Representatives of some concerned parents for kindergartens were told by Les Diehl, school district superintendent, that he and board members also felt the kindergarten program should continue in this district, despite the state legislature’s threat of eliminating the kindergartens in their effort to cut the budget. However, he said he could not promise continuation of the program at this point.*

50 years – Feb. 18, 1971

Design will start immediately on additions and modifications on the Dworshak National Fish Hatchery near Orofino. The Walla Walla District of the Army Corps of Engineers just received approval to go ahead with the project from the Office of the Chief of Engineers.

The $3.3 million project will convert the raw river water rearing ponds into environmentally controlled units. Presently the hatchery has 25 of the controlled water ponds and 59 that are raw river water.

Research carried out at the fish hatchery has shown that the fish raised in the controlled ponds are not as susceptible to disease as those raised in raw river water.*

60 years – Feb. 16, 1961

A “Queen for a Day” contest is being sponsored by the Orofino Jay-c-ettes as a fundraising scheme, the proceeds to be used for civic welfare projects.

Jay-c-ettes will sell tickets at 25 cents each, each ticket allowing the buyer to nominate one candidate. Jay-c-ettes cannot be nominated.

The name of the winner will be chosen and the crowning ceremony held at noon on the corner of College and Johnson where West’s Mobilgas Station is located.

The winner will receive prizes donated by Orofino merchants, and while having a free “hair-do” at the Bon Eve Beauty Salon, Jay-c-ettes will spend two hours cleaning her home and doing ironing. *

70 years – Feb. 15, 1951

Picturesque log jams that formed on the Northfork, a mile above Ahsahka and at Bruce’s Eddy went out of their own accord Saturday night.

The lower jam was 400 feet long and the one at the eddy was 500 feet long. Both extended the entire width of the river, with the upper jam 200 feet wide. Many smaller jams and centers dotted the river between Ahsahka and Camp Y above Dent.

The rising water floated logs to Lewiston and built up enough pressure to force power company officials to open one of the gates at the dam. However, colder weather early this week alleviated the danger and only a minimum of logs were lost over the dam by Potlatch Forests, Inc.*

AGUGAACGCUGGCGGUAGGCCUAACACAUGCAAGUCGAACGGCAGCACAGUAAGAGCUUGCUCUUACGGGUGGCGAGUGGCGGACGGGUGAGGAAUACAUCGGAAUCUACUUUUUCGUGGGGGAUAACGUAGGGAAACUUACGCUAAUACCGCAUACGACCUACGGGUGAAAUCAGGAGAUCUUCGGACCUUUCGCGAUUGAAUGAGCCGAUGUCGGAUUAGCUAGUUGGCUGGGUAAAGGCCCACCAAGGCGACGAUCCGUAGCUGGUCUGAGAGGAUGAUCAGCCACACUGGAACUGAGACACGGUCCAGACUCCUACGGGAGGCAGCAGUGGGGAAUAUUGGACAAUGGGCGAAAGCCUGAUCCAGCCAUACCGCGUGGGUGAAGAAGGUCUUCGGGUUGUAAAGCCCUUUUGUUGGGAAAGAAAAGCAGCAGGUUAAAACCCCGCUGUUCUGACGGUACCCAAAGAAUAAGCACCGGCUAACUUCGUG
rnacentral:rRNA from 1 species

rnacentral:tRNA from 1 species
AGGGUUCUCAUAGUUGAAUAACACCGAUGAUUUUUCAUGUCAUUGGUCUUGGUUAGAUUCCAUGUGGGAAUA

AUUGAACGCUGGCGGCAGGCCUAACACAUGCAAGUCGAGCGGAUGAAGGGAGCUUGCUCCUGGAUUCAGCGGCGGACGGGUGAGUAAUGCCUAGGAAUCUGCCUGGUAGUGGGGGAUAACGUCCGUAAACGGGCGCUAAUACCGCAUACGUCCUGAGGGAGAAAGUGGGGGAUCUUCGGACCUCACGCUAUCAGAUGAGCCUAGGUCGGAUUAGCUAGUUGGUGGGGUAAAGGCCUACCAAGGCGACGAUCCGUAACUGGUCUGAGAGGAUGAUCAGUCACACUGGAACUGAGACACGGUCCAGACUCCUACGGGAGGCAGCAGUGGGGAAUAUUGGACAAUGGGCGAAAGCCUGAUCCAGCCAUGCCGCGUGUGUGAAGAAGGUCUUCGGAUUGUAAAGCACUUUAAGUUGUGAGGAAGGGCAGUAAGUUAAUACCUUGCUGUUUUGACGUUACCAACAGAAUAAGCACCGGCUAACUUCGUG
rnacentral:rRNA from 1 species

80 years – Feb. 20, 1941

Only two sources of Traventine, the Italian marble used as interior finish of the main floor in the new federal building, are known in the world, according to a letter received here from A.P. Shirley, general agent of the Northern Pacific Railway company, Lewiston.

The rose tan colored Italian marble used as panels, wainscot, mop boards, windows and door castings in the new Orofino building was quarried at Gardiner, Mont., in Yellowstone park by the Northwestern Improvement company, a subsidiary of the Northern Pacific railway, said Shirley. The fabricating of the Travertine was handled by the Arnosti Marble company of Carthage, Mo.

The Montana deposits of Travertine, commonly called Italian marble, is the only deposit outside of Tivoli, Italy. The Lewiston railroad man offered the information after being impressed with the beauty of the new federal building upon a recent visit here.*

90 years – Feb. 20, 1931

The “Reno bill” to permit divorces after three months residence in Idaho was reported out by the senate judiciary committee without recommendation.

The house library committee, four women legislators, introduced a bill to permit women to serve on juries.

All teachers would be required to take the oath of allegiance to the flag and republic to promote respect for the United States under a bill introduced by the house education committee.

An appropriation of $2,500 for the department of public welfare to supply vaccines and anti-toxins for children was introduced by the house public health committee.*